The Colorado Child Care Assistance Program as a Practical Model
Critics have been attacking the War on Poverty since President Johnson first addressed it in 1964, and understandably so, to a degree. After all, the issue is far from being adequately resolved because a number of government-funded welfare programs do not give individuals incentives to work. Nevertheless, many states provide child care programs to families living below the national poverty line.
What makes a government program successful? Simply put, there needs to be a balanced give and take between the government and the program recipients. The state of Colorado provides subsidies to low income families for early childhood care and education through the Colorado Child Care Assistance Program (CCCAP). This program recognizes the significance of child assistance for families and defines specific requirements for applying. In observing this essential balance between the state and recipients, the plan significantly benefits many living in poverty who need this vital attention.
One of the most important reasons the CCCAP has proven effective is because adults with children can continue working. Most of the children who fall below the poverty line in America live in a house headed by one parent. These single parents need to work so that they can provide basic needs for their children and for themselves. But, when they do not have the luxury of a significant other to split child supervision with, they need help.
The chart above clarifies the almost 20% increase of single parent households since 1960. According to United States national statistics, 30% of children under the age of eighteen live with a single parent in Colorado, and of that population, 23% of those parents live in poverty. Child care in America ranges anywhere from a few hundred dollars to thousands, and these already struggling families must dole out money they do not have. When parents barely make enough money to feed themselves, the CCCAP becomes a necessity. Depending on the financial situation of the family, the government pays anywhere from some to all of the family’s child supervision needs. Applying for subsidies requires a simple application and immensely helps those who need a little extra push to ensure the safekeeping of their children.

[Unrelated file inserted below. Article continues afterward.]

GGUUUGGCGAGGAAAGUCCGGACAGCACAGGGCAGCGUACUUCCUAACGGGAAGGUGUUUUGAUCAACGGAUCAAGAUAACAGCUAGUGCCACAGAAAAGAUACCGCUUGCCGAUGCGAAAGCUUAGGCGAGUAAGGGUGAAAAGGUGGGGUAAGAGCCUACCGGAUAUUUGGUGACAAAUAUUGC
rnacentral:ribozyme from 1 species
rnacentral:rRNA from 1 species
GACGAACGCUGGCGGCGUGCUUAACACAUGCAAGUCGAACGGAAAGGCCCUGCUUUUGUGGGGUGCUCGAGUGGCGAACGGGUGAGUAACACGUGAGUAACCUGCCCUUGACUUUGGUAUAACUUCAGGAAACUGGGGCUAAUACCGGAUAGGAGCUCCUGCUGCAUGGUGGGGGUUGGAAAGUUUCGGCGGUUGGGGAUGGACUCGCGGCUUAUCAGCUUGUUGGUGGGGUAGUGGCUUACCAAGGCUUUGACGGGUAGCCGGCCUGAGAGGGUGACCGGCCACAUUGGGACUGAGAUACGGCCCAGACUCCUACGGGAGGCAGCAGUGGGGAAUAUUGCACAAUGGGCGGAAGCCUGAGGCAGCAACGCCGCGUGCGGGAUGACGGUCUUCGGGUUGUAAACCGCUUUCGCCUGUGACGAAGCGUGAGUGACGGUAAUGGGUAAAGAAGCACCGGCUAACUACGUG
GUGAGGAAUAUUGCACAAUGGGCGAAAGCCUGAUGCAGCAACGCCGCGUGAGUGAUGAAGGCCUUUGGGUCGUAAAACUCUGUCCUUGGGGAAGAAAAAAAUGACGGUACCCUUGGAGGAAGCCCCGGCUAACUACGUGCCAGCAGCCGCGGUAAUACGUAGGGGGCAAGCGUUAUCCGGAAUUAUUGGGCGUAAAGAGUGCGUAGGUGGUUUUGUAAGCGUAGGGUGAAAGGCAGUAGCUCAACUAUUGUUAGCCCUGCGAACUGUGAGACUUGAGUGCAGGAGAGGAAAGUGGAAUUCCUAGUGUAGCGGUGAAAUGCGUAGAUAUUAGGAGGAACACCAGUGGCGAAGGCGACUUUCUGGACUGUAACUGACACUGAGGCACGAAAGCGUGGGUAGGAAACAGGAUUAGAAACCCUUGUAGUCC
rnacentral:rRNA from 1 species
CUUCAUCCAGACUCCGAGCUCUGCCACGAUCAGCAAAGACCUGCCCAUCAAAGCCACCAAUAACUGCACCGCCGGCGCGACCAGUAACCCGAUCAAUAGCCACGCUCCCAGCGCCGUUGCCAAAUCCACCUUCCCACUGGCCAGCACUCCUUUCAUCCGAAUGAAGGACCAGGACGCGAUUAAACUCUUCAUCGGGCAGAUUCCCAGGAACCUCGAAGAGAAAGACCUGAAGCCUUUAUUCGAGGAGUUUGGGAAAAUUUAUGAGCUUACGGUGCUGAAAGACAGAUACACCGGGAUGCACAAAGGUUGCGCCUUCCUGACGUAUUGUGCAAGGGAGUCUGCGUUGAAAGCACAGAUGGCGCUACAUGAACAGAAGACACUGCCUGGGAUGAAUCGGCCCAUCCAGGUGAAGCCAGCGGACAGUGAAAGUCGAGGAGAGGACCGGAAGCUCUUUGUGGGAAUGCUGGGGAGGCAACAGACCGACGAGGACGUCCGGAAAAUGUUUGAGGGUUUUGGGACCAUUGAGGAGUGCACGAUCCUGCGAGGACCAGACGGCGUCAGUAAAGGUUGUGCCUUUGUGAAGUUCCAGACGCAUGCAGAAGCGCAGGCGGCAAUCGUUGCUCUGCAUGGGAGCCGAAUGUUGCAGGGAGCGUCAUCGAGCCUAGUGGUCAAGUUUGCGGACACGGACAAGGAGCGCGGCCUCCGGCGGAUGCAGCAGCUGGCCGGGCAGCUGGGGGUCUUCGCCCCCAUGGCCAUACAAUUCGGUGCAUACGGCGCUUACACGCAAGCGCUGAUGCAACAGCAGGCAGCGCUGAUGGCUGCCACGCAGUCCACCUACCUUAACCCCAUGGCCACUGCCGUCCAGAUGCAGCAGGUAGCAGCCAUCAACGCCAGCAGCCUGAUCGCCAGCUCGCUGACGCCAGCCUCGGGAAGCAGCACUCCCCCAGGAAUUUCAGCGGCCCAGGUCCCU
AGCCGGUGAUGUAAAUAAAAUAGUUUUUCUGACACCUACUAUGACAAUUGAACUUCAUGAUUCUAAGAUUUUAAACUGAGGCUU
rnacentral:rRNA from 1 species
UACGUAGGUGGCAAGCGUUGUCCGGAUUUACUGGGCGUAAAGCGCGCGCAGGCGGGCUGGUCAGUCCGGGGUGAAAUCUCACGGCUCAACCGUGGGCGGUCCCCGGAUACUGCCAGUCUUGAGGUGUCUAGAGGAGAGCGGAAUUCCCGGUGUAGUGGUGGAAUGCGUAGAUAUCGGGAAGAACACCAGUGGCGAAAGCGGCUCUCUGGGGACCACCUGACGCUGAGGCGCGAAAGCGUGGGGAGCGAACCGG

Moreover, the CCCAP is also practical for the state because the program requires certain responsibilities from applicants. Families who receive these subsidies for child care must prove that they hold a job or attend school to qualify. Like other government assistance plans, the cases depend on the financial stability of each individual family. If recipients have jobs, they must provide a formal pay stub to their care provider every pay period. Yearly, Colorado mandates that beneficiaries reapply for subsidies. These requirements hold parents to a high standard and ultimately make guardians work harder.
Along with helping pay for basic child supervision, the CCCAP also assists in covering early childhood education costs. Over the past decade, debate has surfaced over the importance of early childhood education. In a recently published article examining the importance of preschool, the authors stated that “Early childhood education has a myriad of benefits, including better, more equitable long-term outcomes for children of diverse economic backgrounds.” Research has shown that preschool gives children the building blocks to grow and expand their knowledge later in their educational career. With the help of the CCCAP, families from a low income background can finally provide their young children academic enrichment that they would have missed without the state’s help.
Due to these factors, the state of Colorado has developed a government subsidized arrangement that actually benefits both the citizens and the state. This plan helps families who need the tools to keep working, while holding them accountable to stay motivated. By providing this service, the Colorado Government is performing an admirable community service to low income families. This type of program needs to expand everywhere in the United States. Going back to the central issue of the War on Poverty, child care assistance programs prove that the battle has never ended. The only way to win the war has to come from willingness to finally end the cycle of poverty.